5. Quinnipiac                         2-0 (5-3-1)

The Bobcats garnered 22 votes in the national rankings this week after a win over Cornell and three points from two games against Ohio State. Scoring has not come easy, but that doesn’t matter much when Eric Hartzell has a 1.65 GAA in eight starts. A weekend at Clarkson and St. Lawrence provides a good opportunity to separate from the pack early in the season.

6. Harvard                        2-2 (3-2-0)

A hard team to judge so far, the No. 17 Crimson have looked great against bad teams and vice versa. The freshman forwards, led by Jimmy Vesey, are as spectacular as advertised, but a faltering powerplay and sloppy work in the defensive zone prevented Harvard from competing with Yale and Union. Raphael Girard has shushed any talk of a goalie controversy left over from last year.

7. St. Lawrence            0-1-1 (5-2-1)

Despite only one point in conference play so far, the No. 16 Saints stay in the middle of this ranking thanks to impressive out-of-conference play, including a win over No. 9 Western Michigan. Kyle Flanagan is averaging two points per game as St. Lawrence has converted a fourth of their powerplays, rendering an 0-7 night in a loss to Yale all the more confusing.

8. Clarkson                        1-0-1 (1-4-4)

The Golden Knights lost their first four games. They tied the next three, entering the ECAC season winless, before suddenly taking three points from Yale and Brown. This strange team has defied analysis so far, but they’re going to need to score more goals to be competitive.

9. Princeton                         2-0 (2-2)

The Tigers scored three goals in the last five minutes to steal a game from Cornell, then shut out Colgate 4-0. They did not look good in the Ivy Showcase or their exhibitions, however, and it remains to be seen whether this team will exceed its low expectations. Princeton was ranked 11th in both the media and coaches preseason polls.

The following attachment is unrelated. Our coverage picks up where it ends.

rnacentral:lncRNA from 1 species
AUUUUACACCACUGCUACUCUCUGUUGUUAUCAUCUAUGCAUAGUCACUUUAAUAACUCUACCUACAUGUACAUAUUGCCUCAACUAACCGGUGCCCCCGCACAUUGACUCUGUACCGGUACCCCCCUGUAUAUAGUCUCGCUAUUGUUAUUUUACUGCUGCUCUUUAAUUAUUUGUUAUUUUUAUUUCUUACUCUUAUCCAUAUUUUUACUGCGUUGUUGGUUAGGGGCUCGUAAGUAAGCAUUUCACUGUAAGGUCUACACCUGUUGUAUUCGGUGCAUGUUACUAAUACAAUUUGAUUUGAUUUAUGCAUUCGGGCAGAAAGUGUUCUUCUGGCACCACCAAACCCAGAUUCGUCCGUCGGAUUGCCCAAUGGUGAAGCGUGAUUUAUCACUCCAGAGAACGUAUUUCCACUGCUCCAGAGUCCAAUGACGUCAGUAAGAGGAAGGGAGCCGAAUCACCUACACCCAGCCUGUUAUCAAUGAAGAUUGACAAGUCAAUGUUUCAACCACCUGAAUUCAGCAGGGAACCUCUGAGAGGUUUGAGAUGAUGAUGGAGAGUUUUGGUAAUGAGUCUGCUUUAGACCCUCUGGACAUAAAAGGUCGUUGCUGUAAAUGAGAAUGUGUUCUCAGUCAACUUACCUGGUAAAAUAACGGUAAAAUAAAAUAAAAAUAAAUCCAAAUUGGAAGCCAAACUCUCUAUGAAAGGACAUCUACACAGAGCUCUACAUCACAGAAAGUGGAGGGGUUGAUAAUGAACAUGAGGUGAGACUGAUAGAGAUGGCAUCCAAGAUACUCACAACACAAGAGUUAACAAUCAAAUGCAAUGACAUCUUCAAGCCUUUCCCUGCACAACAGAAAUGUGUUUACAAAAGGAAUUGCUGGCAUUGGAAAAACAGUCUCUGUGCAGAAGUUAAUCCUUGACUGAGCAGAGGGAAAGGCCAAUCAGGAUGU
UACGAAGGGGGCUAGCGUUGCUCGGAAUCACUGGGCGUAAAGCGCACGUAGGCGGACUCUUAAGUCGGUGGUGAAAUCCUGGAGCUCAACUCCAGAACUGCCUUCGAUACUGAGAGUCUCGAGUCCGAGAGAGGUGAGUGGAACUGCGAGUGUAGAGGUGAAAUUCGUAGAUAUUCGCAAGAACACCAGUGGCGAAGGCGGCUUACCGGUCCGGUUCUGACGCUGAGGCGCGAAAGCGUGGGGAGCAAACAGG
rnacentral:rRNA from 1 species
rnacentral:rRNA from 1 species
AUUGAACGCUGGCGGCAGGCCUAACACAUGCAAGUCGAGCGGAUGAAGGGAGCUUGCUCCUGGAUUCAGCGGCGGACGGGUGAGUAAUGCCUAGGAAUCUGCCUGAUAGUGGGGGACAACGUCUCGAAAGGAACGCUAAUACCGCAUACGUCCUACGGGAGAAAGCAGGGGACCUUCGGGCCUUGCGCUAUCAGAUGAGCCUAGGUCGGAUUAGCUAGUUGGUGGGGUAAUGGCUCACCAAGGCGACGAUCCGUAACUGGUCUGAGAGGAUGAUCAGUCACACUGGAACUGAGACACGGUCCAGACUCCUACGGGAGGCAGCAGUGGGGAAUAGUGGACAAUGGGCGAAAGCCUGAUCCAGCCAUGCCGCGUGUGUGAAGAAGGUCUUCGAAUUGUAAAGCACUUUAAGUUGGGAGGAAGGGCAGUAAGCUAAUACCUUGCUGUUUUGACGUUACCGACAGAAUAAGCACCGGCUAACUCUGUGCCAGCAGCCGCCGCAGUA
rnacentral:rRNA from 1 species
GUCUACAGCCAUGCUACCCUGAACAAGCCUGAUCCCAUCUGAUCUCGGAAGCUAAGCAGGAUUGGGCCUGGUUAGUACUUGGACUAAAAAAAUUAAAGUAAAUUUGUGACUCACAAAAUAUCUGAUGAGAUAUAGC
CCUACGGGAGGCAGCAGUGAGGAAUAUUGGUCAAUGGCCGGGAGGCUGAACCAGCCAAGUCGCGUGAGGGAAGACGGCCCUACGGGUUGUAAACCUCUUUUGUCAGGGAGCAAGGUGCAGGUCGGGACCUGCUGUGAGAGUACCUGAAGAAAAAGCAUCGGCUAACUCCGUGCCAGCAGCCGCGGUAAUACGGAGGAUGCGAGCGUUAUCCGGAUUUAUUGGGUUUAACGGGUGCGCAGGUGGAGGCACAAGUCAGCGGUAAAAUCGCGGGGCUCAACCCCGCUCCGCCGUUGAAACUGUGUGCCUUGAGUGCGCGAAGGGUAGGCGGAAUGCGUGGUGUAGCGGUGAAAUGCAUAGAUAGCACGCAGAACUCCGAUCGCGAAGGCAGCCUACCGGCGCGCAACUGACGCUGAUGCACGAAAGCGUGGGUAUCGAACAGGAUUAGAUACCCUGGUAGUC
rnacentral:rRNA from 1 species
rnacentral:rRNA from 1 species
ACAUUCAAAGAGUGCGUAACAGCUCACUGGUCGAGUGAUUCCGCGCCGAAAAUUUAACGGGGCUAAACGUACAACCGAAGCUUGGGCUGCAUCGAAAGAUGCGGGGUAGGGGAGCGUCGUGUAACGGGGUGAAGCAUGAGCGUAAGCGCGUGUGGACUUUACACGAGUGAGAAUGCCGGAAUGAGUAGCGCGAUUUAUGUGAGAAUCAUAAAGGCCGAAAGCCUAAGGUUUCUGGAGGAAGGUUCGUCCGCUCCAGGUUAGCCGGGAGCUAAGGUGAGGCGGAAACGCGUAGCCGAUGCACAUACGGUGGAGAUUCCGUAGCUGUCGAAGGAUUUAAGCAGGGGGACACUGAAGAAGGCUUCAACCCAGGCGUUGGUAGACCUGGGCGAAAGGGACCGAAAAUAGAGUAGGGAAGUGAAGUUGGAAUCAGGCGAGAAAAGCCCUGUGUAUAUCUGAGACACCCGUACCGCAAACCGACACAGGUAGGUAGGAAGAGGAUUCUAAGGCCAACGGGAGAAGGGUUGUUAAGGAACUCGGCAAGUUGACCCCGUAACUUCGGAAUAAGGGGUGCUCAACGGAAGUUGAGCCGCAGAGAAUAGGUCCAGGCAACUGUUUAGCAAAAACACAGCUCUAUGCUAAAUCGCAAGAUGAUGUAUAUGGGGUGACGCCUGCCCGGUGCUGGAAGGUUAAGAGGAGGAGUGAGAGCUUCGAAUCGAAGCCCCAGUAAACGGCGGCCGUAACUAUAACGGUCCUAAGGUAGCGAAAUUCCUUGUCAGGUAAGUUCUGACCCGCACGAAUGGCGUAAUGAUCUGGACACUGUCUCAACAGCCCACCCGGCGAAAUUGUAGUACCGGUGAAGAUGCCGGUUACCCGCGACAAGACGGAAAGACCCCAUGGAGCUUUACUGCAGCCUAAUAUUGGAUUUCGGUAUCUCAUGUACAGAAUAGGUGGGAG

10. Brown                         0-2-2 (1-3-2)

The Bears came out with ties against St. Lawrence and Clarkson, and kept Harvard close till late in the third of a 3-2 loss. The team lacks scoring depth and life for Marco de Filippo in net has been difficult, as he is averaging over 30 shots against per game. So far, he’s performed admirably, and the Bears are once again displaying the never-say-die attitude that has become familiar to ECAC fans.

11. Colgate                        0-3-1 (4-6-1)

The Raiders tied Cornell and took Quinnipiac to overtime two weeks after beating the Bobcats in Cape Cod. The 4-0 loss to Princeton, however, might be more indicative of Colgate’s ability. They’ve been below average on special teams and neither Eric Mihalik nor freshman Spencer Finney look like viable answers in net to the ECAC’s best offenses.

12. RPI                        0-4-0 (1-5-2)